(adsbygoogle = window.adsbygoogle || []).push({}); 1. The problem statement, all variables and given/known data

For F [itex]\in[/itex] {R,C} and for an infinitie discrete time-domain T, show that l^{p}(T;F) is a strict subspace of c_{0}(T;F) for each p [itex]\in[/itex] [1,∞). Does there exist f [itex]\in[/itex] c_{0}(T;F) such that f [itex]\notin[/itex] l^{p}(T;F) for every p [itex]\in[/itex] [1,∞)

2. Relevant equations

Well we know from class that l^{p}(T;F) = {f [itex]\in[/itex] F^{T}| Ʃ |f(t)|^{p}< ∞} for p [itex]\in[/itex] [1,∞) and c_{0}(T;F) = {f [itex]\in[/itex] F^{T}| [itex]\forall[/itex]ε [itex]\in[/itex] R_{>0}, [itex]\exists[/itex] a finite set S [itex]\subseteq[/itex] T such that {t [itex]\in[/itex] T | |f(t)| > ε} [itex]\subseteq[/itex] S} ([itex]\Leftrightarrow[/itex] t [itex]\rightarrow[/itex] ±∞ [itex]\Rightarrow[/itex] f(t) [itex]\rightarrow[/itex] 0) are both vector spaces.

3. The attempt at a solution

Well as I said above, we know that both l^{p}(T;F) and c_{0}(T;F) are vector spaces, so to show that one is a subspace of the other it is sufficient to show that one is a subset of the other.

So,

Let f [itex]\in[/itex] l^{p}(T;F) [itex]\Rightarrow[/itex] Ʃ|f(t)|^{p}< ∞

Therefore lim as |t|[itex]\rightarrow[/itex]∞ of |f(t)|^{p}= 0 [itex]\Rightarrow[/itex] lim as |t|[itex]\rightarrow[/itex]∞ of |f(t)| = 0 [itex]\Rightarrow[/itex] f [itex]\in[/itex] c_{0}(T;F)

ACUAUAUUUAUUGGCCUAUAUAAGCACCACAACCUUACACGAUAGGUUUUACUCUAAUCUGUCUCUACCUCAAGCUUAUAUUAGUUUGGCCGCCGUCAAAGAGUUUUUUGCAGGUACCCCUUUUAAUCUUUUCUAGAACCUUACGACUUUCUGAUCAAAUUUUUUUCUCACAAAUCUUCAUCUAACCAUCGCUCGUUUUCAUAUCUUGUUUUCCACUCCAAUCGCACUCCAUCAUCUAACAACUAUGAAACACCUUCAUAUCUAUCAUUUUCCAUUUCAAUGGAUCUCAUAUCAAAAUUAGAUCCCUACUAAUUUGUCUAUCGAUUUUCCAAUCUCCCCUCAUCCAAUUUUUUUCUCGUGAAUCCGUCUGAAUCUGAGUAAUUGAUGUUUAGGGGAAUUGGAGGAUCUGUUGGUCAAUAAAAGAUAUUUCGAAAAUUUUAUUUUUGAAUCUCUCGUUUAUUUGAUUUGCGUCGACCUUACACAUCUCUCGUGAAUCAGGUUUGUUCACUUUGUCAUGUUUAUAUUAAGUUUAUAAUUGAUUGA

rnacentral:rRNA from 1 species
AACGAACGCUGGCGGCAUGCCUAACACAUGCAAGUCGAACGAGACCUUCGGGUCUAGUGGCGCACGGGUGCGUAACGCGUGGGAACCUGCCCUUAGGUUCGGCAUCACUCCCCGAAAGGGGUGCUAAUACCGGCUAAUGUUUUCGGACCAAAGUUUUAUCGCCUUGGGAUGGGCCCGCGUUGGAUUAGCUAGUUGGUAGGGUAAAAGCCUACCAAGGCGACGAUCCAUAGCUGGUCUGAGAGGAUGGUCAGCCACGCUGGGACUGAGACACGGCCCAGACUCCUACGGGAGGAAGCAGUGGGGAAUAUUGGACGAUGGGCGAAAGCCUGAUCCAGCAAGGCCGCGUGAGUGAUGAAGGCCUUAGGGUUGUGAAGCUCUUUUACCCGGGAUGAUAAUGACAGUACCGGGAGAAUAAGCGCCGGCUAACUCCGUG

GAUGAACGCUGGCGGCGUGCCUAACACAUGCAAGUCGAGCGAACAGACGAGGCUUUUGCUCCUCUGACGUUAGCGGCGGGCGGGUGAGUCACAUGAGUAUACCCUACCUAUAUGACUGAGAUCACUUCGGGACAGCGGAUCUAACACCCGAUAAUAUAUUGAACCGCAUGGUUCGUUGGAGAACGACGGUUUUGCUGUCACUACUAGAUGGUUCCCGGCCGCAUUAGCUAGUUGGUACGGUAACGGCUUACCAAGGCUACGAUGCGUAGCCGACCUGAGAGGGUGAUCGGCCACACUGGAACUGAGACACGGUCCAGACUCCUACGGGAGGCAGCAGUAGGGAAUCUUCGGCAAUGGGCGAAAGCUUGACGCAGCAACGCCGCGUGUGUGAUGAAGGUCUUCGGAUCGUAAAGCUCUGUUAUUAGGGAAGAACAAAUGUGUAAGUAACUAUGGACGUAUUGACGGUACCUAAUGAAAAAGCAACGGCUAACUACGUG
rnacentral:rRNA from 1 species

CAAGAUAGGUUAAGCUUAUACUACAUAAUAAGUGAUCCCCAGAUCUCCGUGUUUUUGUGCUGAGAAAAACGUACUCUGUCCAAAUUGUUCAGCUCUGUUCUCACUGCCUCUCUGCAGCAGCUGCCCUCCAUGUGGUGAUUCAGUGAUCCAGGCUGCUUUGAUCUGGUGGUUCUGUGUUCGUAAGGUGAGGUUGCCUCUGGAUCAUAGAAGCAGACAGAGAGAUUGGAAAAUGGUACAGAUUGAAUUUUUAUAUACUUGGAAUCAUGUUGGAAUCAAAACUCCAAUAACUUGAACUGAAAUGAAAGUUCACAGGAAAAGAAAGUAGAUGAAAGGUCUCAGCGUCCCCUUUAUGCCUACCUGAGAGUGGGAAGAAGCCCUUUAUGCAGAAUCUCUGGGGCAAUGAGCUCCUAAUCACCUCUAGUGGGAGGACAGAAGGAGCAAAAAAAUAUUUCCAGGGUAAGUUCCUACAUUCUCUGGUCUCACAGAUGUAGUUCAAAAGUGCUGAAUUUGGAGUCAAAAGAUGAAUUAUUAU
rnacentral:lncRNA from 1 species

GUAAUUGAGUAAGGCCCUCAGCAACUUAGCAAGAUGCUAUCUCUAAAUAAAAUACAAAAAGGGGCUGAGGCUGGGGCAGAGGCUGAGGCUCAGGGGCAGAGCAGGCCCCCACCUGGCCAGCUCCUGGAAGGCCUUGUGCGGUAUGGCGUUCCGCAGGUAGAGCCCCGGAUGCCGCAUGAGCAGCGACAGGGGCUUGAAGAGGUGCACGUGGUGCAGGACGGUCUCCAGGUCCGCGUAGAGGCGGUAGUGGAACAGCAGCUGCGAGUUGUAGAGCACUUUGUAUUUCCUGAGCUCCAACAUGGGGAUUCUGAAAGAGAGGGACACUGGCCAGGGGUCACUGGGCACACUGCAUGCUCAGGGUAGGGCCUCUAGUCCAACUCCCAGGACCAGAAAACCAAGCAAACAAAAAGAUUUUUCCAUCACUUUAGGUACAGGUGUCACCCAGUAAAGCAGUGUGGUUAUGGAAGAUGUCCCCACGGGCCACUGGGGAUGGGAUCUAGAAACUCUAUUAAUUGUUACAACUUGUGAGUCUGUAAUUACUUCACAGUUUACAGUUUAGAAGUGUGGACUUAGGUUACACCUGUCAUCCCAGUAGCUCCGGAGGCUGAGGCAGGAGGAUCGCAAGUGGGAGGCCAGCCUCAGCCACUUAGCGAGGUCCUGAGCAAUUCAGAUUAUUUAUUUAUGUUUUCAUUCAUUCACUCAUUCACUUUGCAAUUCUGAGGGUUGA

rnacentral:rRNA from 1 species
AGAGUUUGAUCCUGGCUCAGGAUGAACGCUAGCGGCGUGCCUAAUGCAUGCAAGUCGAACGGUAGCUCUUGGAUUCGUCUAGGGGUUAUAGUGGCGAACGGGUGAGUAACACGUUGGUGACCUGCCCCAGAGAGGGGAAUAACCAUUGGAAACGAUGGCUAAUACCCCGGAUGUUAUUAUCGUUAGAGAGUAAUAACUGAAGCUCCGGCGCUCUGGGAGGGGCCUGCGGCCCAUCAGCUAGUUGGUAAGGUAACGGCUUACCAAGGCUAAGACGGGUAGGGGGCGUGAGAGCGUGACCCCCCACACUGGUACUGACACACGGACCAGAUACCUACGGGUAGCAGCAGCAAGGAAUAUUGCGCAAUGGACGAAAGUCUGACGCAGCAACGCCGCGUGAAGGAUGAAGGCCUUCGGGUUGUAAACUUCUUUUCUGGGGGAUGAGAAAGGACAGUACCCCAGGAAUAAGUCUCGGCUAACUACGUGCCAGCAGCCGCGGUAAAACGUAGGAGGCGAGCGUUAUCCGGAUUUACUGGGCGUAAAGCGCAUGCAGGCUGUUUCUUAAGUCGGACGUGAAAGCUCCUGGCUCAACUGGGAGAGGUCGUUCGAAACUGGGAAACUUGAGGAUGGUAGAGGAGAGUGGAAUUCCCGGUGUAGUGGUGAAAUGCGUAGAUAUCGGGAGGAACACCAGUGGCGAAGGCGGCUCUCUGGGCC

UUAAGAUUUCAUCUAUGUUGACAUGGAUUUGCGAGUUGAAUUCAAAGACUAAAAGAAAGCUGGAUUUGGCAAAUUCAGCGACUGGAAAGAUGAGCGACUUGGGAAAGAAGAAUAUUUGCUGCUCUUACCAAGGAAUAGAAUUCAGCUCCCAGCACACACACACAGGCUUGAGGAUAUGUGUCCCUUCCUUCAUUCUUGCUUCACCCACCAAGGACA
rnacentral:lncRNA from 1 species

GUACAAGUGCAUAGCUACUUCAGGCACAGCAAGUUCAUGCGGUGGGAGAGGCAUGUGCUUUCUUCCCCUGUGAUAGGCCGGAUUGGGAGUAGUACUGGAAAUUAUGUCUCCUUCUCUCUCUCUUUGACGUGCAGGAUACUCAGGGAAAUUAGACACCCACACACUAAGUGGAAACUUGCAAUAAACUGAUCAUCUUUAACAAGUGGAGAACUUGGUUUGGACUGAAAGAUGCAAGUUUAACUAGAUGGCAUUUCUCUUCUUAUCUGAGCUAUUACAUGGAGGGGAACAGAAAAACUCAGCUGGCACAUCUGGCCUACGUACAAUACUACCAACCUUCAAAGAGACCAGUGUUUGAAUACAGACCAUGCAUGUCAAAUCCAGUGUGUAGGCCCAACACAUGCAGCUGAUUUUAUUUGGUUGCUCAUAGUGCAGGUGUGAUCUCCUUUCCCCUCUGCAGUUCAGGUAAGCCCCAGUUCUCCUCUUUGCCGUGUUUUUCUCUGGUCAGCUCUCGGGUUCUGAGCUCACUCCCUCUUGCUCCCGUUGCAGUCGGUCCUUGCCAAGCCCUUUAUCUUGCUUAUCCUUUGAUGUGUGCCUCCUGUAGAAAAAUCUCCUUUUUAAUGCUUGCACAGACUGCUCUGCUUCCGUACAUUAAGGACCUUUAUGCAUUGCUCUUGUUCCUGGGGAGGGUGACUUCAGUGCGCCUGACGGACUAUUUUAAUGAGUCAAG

Therefore l^{p}(T;F) [itex]\subseteq[/itex] c_{0}(T;F).

Now this is the hard part, showing that it is a strict subset.

This is what I though of:

Define f [itex]\in[/itex] F^{T}by f(t) = [itex]\frac{1}{t^{1/p}}[/itex] if t ≠ 0 and 0 if t = 0.

Clearly f [itex]\in[/itex] c_{0}(T;F) as it's limit goes to 0.

And it's easy to show that f is not in any l^{p}(T;F) for any specific p [itex]\in[/itex] [1,∞).

But to properly do this problem I need to find a function that's not in l^{p}(T;F) for every p [itex]\in[/itex] [1,∞).

i.e., my problem is, I have to chose a p first, then this works, but whatever p I chose, f will not be in it's space, but it will be in the p+1 space. So it doesn't work for for every p, only a specific p.

So pretty much I can't think of a function that would be in c_{0}but not in l^{p}for EVERY p [itex]\in[/itex] [1,∞).

Any help would be awesome!

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# Homework Help: Prove l^p strict subspace of c0

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